By the time the Folly emerged from hyperspace at Chandrila, John knew he was too late. The Folly’s computer picked up the tell-tale hyperspace distortion immediately upon arrival, and the comm unit was buzzing with emergency transmissions from Hanna City warning people to stay away or stay calm.
“Blast!” John cursed in frustration.
Azazel had already come and gone taking with him exactly twenty-two more hostages.
The Folly’s computer calculated Azazel’s destination. Well, that was funny. Alderaan? That was where Dean’s message said one of the Runes was.
Looked like he was headed to Alderaan one way or the other. What he did there, he’d decide when he arrived.
After finding the Rune on Ryloth, later that night, Sam was sitting by a ringed fire deep in the local cavern system. The ramparts had long been closed to keep out predators, and the lights dimmed aside from ambient fires like theirs, to allow people to sleep. It was probably time to turn in and enjoy the comfortable room Ven’s relatives had prepared for them, after all, Ven’s family had gone to bed long before, but Sam was still waiting for the other shoe to drop.
Dean walked over, approaching silently from where he’d excused himself to go use his comlink in semi-privacy.
“Any more fires?” Sam asked warily, looking up at Dean as he lowered himself to the ground next to Sam.
“Nope, no more fires since Onderon,” Dean answered. “however, I did hear from Bobby, and he’s been making good progress. He’s got some of those ysali— lizard things to help us create a force-free bubble of protection from Lord Azazel should we encounter him. And,” Dean added, flourishing his hands, “he’s found a guide to take him to the ‘Forceless tree,’ and may have the Rune as soon as tomorrow, probably within two days.”
Sam raised an eyebrow.
“Apparently, you have to go into the jungle on foot, ‘cause some of the predators respond to the resonance and noises made by engines and crash ships. Speeders too," Dean added with a hint of amusement.
“Daaamn,” Sam whistled, scootching up into a sitting position. “That all?”
“That’s all for now,” Dean answered, leaning back on his elbows and turning so his body was parallel to the fire.
“So, I was wondering, d’you think the children’s story…” Sam started.
“Was started by a Marker, or part of their scheme to pass on knowledge?” Dean suggested.
“Makes sense.” Dean shrugged. “It’s a pretty sneaky way to make sure the information is out there and lots of people know it, should the Chosen One or his friends need it,” Dean affirmed.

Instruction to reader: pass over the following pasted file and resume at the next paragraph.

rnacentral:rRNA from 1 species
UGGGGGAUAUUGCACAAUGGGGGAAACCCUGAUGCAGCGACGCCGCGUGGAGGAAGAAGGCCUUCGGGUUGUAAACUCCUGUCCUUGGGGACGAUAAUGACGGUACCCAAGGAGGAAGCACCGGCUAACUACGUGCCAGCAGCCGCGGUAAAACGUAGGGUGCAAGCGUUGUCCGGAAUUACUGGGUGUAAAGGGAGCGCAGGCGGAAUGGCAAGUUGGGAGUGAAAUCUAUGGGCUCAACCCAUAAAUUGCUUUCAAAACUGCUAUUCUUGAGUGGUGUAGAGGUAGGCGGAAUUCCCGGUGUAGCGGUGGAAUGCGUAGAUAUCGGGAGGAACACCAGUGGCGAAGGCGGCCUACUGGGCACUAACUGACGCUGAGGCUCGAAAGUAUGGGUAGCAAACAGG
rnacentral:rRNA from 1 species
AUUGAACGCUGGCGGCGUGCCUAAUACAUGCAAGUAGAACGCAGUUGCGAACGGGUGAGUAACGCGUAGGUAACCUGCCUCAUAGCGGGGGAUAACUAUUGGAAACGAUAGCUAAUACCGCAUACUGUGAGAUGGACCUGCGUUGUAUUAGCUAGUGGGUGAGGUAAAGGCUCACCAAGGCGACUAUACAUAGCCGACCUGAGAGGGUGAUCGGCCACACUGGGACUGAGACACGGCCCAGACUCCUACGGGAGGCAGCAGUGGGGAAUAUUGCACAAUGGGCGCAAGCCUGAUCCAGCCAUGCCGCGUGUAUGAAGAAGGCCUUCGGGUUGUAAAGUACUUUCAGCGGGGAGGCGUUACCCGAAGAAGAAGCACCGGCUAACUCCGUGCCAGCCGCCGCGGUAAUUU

“But isn’t that kind of risky?” Sam asked. “I mean stories can change over time; some important detail could have been left out.”
Dean chuckled. “You’ve obviously never tried telling a story to a little kid, have you?” he asked rhetorically. “Try it some time. Tell a kid a story once, and then tell it to them again and change a detail—ninety-nine percent of the time they’ll turn on the pouty face and whine ‘you’re not telling it right!’ and go stomp around until you fix it,” Dean said, a big smile stretching across his features.
Sam knew Dean was referring to Sam as a kid, and he couldn’t resist the grin that lightened up his features. He gave Dean a playful shove on the shoulder.
“Hey, hey, ow…” Dean protested, “Watch it, that’s still healing.” They were silent for a moment before Dean continued. “Besides, I’m sure if some detail did get changed, the Force could fix it; and there were clearly other ways to find the info, like the map on Dxun, the coordinates, maybe even one of the other Markers.” Dean hesitated, turning onto his left side and leaning on his arm, being very careful of his shoulder. “You really think the Force did all that?”
Sam thought for a moment. “It felt that way. I think the Jedi in the Protectorate might have used the Force or enlisted the aid of the Force to create it,” Sam concluded.
Dean seemed skeptical.
“Well, after all, if Miss’Ouri’s right, stopping Lord Azazel would be a way for the force to protect itself; maintain balance,” Sam explained.
“It just seems so… extravagant, but I guess if you have five thousand years to prepare…” Dean agreed.